Professor Jean Golding awarded OBE today
23 May 2012
Professor Jean Golding, founder of Children of the 90s, will receive an OBE from the Queen at Buckingham Palace today.
Professor Jean Golding, founder of Children of the 90s, will today receive an OBE from the Queen at Buckingham Palace. Speaking before the event, Professor Golding said:
‘This I see as an honour not just for me but for all the participants and members of staff that contributed to the many studies I have been involved with, especially those in Children of the 90s.’When asked what her proudest moment was, she replied:
‘Parents stopping me in the street to tell me how proud they are to be in Children of the 90s.’Professor Golding is looking forward to celebrating the day with her two brothers, who are travelling over from the US and Canada, and to a big family celebration afterwards.
Born on 22 September 1939 in Cornwall as Jean Bond, Professor Golding showed an early aptitude for biology, biochemistry and animal behaviour but a bout of polio at age 14 hampered her ability to spend long periods of time in a laboratory. She went on to read mathematics (‘a completely sedentary subject’) at St Anne’s College, Oxford. She was married briefly to Alan Fedrick and taught for a year before having two children in quick succession. By then in London, she obtained a job working in epidemiology (the study of health in a population). Having fallen in love with the topic she went on to do a PhD in Medical Statistics at University College London.
Prior to establishing Children of the 90s, which has been charting the health and wellbeing of 14,500 mothers and their children in and around Bristol since the early 1990s, Professor Golding was involved, as Jean Fedrick, with the Oxford Record Linkage Study and the 1958 and 1970 national cohort studies. She also advised and helped design the National Greek Perinatal Survey and the Jamaican Birth Survey. In order to promote the science of the epidemiological study of pregnancy, childbirth and child development, she was instrumental in founding the international journal Paediatric and Perinatal Epidemiology, which she continued as editor-in-chief for 25 years.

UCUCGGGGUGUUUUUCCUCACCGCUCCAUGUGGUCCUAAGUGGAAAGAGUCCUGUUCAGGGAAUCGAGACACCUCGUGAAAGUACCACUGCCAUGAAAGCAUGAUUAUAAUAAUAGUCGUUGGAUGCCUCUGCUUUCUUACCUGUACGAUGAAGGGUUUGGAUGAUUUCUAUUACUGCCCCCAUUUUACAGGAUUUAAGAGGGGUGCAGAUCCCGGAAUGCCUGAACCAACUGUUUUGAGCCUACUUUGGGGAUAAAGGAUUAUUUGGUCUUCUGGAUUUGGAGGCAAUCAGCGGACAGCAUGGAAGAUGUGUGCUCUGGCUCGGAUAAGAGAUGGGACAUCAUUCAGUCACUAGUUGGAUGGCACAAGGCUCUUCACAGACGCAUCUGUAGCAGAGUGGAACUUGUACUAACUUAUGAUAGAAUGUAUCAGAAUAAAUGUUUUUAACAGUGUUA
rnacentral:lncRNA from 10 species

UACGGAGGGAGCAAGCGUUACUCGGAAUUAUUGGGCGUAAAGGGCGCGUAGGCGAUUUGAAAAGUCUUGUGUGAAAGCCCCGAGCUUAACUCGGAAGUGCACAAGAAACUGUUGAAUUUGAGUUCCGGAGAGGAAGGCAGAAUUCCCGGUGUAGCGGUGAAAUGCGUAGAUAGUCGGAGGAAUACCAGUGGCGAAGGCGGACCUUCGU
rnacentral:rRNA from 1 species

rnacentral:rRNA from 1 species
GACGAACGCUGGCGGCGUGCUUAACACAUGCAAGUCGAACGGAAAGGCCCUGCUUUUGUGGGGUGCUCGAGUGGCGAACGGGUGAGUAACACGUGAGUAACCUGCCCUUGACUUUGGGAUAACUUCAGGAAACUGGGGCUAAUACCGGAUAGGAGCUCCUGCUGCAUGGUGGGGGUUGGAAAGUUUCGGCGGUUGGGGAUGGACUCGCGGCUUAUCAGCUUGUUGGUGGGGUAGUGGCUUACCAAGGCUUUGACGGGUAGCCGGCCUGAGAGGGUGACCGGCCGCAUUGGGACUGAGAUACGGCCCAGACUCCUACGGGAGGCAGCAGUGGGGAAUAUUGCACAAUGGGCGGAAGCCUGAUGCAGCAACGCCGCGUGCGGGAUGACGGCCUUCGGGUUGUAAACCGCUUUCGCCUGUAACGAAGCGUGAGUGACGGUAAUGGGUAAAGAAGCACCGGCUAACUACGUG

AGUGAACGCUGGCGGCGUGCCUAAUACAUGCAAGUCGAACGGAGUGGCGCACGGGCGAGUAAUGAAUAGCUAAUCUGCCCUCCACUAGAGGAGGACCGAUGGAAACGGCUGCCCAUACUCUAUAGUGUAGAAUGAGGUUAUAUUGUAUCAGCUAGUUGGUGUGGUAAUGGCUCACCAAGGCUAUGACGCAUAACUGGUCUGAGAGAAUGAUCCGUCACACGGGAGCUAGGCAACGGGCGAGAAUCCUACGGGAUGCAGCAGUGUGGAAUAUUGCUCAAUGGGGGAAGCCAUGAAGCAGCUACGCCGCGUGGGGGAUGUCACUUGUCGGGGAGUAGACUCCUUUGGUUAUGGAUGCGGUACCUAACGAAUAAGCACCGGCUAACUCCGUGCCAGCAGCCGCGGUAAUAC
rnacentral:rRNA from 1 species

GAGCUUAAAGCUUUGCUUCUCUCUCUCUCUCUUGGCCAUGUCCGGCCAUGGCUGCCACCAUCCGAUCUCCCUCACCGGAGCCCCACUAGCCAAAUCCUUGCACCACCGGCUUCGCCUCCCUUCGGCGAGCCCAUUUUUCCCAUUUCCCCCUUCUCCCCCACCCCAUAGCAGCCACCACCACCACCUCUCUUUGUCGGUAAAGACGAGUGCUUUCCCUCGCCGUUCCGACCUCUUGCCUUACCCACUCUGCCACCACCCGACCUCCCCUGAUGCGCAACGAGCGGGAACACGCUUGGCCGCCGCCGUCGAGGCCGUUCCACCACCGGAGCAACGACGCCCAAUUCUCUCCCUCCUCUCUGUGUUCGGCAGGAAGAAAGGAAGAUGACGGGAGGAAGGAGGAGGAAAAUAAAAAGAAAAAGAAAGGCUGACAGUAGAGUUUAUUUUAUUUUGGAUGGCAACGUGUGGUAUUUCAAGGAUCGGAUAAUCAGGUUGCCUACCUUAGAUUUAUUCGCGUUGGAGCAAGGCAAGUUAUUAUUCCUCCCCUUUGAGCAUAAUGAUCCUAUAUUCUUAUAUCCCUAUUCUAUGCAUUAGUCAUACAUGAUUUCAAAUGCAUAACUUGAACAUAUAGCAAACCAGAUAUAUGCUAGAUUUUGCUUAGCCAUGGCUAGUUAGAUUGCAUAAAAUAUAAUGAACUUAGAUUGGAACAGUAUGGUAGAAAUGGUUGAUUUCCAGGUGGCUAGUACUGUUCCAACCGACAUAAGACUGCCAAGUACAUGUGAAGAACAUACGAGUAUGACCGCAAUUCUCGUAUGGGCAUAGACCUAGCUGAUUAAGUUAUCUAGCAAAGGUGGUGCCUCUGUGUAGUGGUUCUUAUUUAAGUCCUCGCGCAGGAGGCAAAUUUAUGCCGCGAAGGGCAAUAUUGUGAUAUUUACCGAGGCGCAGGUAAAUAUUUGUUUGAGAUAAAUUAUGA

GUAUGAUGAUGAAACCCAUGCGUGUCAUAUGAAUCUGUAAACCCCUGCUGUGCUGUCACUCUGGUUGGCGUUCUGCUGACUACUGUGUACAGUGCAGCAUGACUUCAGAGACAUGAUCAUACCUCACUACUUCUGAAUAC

It was analyses of the large surveys in which she had been involved that highlighted for her the importance of the fine detail that was not available in major national studies and enabled her to design a very detailed protocol for the collection of data that is evident in the Children of the 90s study today.
On retirement as director of that study in 2006, she was commissioned by the World Health Organization and the National Institutes of Health to develop a guide to designing and running longitudinal studies to assess the influence of the environment on the health and development of children. The resulting publication has been widely praised.
Her current activities include research into various environmental factors that affect a child’s development, including, in particular, aspects of the diet and pollutants such as lead and mercury; but she considers the most exciting of her studies is being undertaken with Professor Marcus Pembrey – this uses the information collected in Children of the 90s to look at the possible effects of the environment across generations.She has published over 350 peer-reviewed papers and her other honours include Fellow of the Academy of Medical Sciences and Emeritus Professor of Paediatric and Perinatal Epidemiology at the University of Bristol. She was also runner up in the UK European Woman of the Year competition in 1998.
When not working, she enjoys good company, good food and a modicum of wine, but most of all the company of her two children and grandson.